After a nice, lazy morning we decided that in the afternoon we really should brave the boiling elements and see atleast one of Delhi’s hundreds of sights site. With so many to choose from – we diplomatically chose the closest – the Qutb Minar!
The Qutb Minar (also spelled Qutab or Qutub, Urdu: قطب منار), is a tower in Delhi that at 72.5 meters (237.8 ft) is the world’s tallest brick minaret. Construction commenced in 1193 under the orders of India’s first Muslim ruler Qutb-ud-din Aibak, and the topmost storey of the minaret was completed in 1386 by Firoz Shah Tughluq. The Qutb Minar is notable for being one of the earliest and most prominent examples of Indo-Islamic architecture.
The complex initially housed twenty-seven ancient Jain temples which were destroyed and their material used in the construction of the Quwwat-ul-Islam Mosque next to the Qutb Minar
It is one of the most popular tourist destinations in Delhi, and was also India’s most visited monument in 2006, as it attracted 3.9 million visitors (more people than are in Brisbane!) even more than the Taj Mahal, which drew about 2.5 million visitors. I know it’s off season but have still been suprised at only very occasionally seeing other westerners – the market for domestic tourism here is HUGE! It’s wonderful that the Indian people are so interested in their incredible history and diverse cultures. Though sometimes it seems as if they stare more at me (the strange mousy brown/orange haired, pale skinned creature) than at the sights 🙂 But to be fair, i find myself staring straight back as i’m equally fascinated by them!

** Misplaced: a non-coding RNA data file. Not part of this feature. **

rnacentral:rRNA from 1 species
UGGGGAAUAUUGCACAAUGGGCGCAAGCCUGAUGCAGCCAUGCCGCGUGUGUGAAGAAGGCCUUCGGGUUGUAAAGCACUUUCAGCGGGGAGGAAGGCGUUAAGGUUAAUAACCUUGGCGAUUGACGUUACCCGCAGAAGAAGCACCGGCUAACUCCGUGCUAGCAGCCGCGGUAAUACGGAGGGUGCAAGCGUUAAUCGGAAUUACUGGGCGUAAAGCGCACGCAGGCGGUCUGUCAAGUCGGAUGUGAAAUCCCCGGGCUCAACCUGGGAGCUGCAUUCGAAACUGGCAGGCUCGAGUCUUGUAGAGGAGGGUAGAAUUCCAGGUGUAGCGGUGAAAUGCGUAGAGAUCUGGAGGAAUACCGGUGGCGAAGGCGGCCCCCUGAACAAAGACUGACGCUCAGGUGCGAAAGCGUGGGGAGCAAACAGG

The nearby Iron Pillar is one of the world’s foremost metallurgical curiosities, standing in the famous Qutb complex. The pillar, which weighs more than six tons, is said to have been fashioned at the time of Chandragupta Vikramaditya (375–413 BC), though some authorities give dates as early as 912 BC!!!! The pillar initially stood in the centre of a Jain temple complex housing twenty-seven temple. It is 98% pure wrought iron, and is a testament to the high level of skill achieved by ancient Indian blacksmiths. It has attracted the attention of both archaeologists and metallurgists, as it has withstood corrosion for over 1,600 years in the open air! According to the traditional belief, anyone who can encircle the entire column with their arms, with their back towards the pillar, can have their wish granted. Because of the corrosive qualities of sweat the government has built a fence around it for safety. I didn’t mind as really, i don’t need any wishes granted – i am the luckiest person i know!